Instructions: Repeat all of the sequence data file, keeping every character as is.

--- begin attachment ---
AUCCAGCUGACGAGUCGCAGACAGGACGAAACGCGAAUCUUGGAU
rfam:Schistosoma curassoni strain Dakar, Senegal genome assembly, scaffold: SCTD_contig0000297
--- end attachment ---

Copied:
AUCCAGCUGACGAGUCGCAGACAGGACGAAACGCGAAUCUUGGAU
rfam:Schistosoma curassoni strain Dakar, Senegal genome assembly, scaffold: SCTD_contig0000297